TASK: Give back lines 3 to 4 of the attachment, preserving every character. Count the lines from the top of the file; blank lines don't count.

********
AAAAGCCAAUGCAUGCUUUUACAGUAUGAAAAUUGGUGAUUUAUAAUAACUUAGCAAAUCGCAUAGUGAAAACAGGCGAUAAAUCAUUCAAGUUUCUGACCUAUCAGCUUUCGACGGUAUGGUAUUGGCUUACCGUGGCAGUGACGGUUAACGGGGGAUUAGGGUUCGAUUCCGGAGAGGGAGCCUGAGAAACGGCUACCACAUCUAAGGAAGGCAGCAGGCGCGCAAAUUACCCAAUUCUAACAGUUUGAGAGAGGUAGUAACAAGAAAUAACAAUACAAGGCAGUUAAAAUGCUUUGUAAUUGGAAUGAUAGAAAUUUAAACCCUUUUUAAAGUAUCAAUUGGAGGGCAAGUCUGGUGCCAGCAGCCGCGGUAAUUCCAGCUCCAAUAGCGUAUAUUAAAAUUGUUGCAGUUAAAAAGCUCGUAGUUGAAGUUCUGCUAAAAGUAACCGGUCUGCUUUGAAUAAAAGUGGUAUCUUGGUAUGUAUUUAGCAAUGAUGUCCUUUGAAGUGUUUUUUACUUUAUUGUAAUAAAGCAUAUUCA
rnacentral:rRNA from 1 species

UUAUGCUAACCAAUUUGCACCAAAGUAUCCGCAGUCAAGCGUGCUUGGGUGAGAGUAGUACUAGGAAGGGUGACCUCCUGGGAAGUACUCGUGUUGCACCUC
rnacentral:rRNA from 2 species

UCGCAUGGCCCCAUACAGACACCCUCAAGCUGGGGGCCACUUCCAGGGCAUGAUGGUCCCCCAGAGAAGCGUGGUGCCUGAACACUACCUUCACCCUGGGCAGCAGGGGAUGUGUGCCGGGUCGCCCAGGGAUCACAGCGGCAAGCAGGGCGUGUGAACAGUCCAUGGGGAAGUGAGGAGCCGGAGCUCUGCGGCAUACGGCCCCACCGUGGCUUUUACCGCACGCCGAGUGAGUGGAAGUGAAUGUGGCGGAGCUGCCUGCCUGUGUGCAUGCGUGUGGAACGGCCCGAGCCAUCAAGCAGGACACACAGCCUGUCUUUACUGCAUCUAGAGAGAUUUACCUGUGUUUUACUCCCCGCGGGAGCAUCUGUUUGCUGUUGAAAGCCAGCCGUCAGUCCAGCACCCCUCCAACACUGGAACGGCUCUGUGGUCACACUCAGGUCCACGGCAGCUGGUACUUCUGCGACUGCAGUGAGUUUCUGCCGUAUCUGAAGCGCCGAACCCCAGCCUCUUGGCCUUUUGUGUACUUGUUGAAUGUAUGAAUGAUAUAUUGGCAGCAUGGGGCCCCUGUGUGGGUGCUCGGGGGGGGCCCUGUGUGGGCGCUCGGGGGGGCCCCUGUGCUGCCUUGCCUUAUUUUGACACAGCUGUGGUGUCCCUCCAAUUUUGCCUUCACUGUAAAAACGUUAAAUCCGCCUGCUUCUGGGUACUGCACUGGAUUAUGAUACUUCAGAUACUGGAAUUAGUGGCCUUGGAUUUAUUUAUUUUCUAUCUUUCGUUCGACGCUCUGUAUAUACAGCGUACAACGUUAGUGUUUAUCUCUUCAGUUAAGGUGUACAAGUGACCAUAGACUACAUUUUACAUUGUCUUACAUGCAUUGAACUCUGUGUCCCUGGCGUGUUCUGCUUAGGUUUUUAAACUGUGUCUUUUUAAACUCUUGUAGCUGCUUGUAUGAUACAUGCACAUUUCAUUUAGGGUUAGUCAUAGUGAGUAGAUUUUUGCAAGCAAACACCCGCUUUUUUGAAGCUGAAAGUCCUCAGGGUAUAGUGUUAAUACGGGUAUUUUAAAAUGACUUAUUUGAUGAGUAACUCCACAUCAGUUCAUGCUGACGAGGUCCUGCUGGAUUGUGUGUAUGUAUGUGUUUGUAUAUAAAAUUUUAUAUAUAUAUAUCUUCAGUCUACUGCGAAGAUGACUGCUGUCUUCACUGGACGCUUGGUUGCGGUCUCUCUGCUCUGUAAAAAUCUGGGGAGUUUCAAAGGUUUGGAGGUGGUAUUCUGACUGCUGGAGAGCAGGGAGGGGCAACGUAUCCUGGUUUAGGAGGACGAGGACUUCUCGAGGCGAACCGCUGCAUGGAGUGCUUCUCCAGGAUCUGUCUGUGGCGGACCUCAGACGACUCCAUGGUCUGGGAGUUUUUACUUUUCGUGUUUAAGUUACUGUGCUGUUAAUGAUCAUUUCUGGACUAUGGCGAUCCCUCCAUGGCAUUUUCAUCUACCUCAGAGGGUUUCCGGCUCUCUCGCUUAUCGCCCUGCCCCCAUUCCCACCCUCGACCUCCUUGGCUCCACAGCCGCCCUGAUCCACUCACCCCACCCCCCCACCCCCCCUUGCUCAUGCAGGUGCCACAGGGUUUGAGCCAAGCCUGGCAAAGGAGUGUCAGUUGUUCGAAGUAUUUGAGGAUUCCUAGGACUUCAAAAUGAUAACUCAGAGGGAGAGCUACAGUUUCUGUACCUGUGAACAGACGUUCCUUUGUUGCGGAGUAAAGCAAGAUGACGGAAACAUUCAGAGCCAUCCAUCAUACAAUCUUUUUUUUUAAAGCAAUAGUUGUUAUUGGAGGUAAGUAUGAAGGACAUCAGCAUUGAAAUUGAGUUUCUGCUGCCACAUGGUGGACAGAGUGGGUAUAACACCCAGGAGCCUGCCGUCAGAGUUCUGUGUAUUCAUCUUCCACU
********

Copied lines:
UUAUGCUAACCAAUUUGCACCAAAGUAUCCGCAGUCAAGCGUGCUUGGGUGAGAGUAGUACUAGGAAGGGUGACCUCCUGGGAAGUACUCGUGUUGCACCUC
rnacentral:rRNA from 2 species